Ukraine President Volodymyr Zelensky on Monday slammed Russia for its “anti-Semitic thrust” and urged Moscow to remember the “lessons from World War II.”

Speaking during his nightly video address, the 44-year-old said, “Such an anti-Semitic thrust by their minister means Russia has forgotten all the lessons of World War II. Or maybe they never studied those lessons.”

The minister being referred to by Zelensky is none other than Russian foreign minister Sergey Lavrov, who had earlier claimed that Adolf Hitler had “Jewish blood” and that suggested that Jews themselves were anti-Semites.

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“He [Zelensky] puts forward an argument: what kind of Nazism can they have if he is a Jew. I may be wrong, but Hitler also had Jewish blood. It means absolutely nothing. The wise Jewish people say that the most ardent anti-Semites are usually Jews,” Lavrov had said a day ago.

The Russian foreign minister’s comment not only led to outrage in Ukraine, but also sparked condemnation from Israel.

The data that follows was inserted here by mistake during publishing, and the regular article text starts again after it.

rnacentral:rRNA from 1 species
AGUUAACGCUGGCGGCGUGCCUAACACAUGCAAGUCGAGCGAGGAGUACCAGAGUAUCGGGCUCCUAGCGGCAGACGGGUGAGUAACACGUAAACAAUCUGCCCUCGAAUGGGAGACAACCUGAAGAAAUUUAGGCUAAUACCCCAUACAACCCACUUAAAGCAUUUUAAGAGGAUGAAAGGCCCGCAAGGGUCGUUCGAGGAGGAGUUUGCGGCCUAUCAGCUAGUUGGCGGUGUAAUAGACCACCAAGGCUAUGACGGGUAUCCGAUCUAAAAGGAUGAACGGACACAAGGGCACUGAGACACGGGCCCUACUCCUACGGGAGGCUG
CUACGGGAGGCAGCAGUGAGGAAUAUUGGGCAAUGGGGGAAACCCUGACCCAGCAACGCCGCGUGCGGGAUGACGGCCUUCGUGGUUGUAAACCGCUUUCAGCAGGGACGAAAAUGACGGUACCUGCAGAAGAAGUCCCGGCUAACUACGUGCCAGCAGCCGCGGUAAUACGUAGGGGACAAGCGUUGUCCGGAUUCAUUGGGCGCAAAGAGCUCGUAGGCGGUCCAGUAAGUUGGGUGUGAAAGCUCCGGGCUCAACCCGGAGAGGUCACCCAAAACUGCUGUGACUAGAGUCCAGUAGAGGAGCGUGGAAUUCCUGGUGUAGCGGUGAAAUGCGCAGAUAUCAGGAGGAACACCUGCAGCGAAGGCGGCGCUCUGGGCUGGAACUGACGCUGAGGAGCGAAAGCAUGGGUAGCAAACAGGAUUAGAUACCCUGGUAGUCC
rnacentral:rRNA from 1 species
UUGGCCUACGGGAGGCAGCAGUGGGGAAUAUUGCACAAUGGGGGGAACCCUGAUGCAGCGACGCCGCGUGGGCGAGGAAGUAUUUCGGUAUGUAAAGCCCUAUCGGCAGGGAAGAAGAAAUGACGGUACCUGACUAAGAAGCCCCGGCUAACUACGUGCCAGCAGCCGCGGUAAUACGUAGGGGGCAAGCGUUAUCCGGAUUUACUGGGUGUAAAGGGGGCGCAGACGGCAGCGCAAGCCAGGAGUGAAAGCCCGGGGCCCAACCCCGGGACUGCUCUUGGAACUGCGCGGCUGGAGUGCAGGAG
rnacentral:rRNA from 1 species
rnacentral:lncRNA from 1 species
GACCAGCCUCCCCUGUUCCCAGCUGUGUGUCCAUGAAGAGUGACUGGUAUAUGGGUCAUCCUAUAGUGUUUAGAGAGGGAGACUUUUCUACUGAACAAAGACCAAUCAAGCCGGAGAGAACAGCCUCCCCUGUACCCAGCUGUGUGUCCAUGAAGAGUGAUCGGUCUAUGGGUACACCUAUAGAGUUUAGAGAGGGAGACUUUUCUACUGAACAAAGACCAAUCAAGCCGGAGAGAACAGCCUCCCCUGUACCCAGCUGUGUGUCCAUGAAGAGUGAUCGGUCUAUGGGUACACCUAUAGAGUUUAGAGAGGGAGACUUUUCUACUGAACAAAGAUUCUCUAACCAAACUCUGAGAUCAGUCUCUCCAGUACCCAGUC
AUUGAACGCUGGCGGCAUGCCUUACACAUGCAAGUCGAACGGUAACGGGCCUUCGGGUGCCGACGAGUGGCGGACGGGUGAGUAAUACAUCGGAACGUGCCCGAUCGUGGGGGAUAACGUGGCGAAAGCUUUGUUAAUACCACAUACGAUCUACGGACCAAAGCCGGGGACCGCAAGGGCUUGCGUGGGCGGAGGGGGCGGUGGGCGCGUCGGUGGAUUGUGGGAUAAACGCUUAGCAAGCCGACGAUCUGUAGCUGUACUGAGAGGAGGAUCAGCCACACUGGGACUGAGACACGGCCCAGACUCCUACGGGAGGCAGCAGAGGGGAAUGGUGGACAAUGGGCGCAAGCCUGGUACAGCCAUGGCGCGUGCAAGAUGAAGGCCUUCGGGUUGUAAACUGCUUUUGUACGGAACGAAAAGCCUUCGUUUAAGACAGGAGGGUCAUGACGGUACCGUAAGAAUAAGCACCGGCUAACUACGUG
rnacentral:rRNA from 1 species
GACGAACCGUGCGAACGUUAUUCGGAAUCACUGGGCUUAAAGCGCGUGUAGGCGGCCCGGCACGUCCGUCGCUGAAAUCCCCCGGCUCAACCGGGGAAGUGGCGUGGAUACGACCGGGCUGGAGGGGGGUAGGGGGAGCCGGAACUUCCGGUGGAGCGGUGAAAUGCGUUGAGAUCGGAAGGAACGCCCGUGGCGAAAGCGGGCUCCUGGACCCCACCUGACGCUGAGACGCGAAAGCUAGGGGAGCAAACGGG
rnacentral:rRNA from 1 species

“Foreign Minister Lavrov’s remarks are both an unforgivable and outrageous statement as well as a terrible historical error,” Israeli foreign minister Yair Lapid said on Monday, responding to the Russian claims.

“Jews did not murder themselves in the Holocaust. The lowest level of racism against Jews is to accuse Jews themselves of anti-Semitism,” Lapid added, not mincing his words.

Zelensky on Monday addressed the comments by Lapid too, saying, “Of course, there is a big scandal in Israel today as regards [to] these words. However, no one hears objections or excuses from Moscow. There is silence.”

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The 44-year-old actor-turned-leader went on to remind Russia that May 9, the day Moscow celebrates victory over Nazi Germany in World War II, is around the corner, saying, “How could this be said on the eve of the anniversary of the victory over Nazism?”

“These words mean that Russia’s top diplomat is blaming the Jewish people for Nazi crimes. No words,” the Ukrainian president concluded.

Nazism in Ukraine was one of the reasons cited by Russian President Vladimir Putin to justify the invasion, which began on February 24. Putin had claimed that the invasion was a special operation to “de-nazify” Ukraine, but Kyiv has consistently denied allegations of widespread Nazism in the country.